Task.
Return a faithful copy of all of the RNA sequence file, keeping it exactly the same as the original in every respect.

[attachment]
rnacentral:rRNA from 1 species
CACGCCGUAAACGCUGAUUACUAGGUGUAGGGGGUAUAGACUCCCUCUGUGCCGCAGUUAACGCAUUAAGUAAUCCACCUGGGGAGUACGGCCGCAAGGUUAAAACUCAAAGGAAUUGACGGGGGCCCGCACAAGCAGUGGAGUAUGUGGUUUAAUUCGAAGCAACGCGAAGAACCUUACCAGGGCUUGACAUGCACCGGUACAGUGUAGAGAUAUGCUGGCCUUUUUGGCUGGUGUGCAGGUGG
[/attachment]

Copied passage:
rnacentral:rRNA from 1 species
CACGCCGUAAACGCUGAUUACUAGGUGUAGGGGGUAUAGACUCCCUCUGUGCCGCAGUUAACGCAUUAAGUAAUCCACCUGGGGAGUACGGCCGCAAGGUUAAAACUCAAAGGAAUUGACGGGGGCCCGCACAAGCAGUGGAGUAUGUGGUUUAAUUCGAAGCAACGCGAAGAACCUUACCAGGGCUUGACAUGCACCGGUACAGUGUAGAGAUAUGCUGGCCUUUUUGGCUGGUGUGCAGGUGG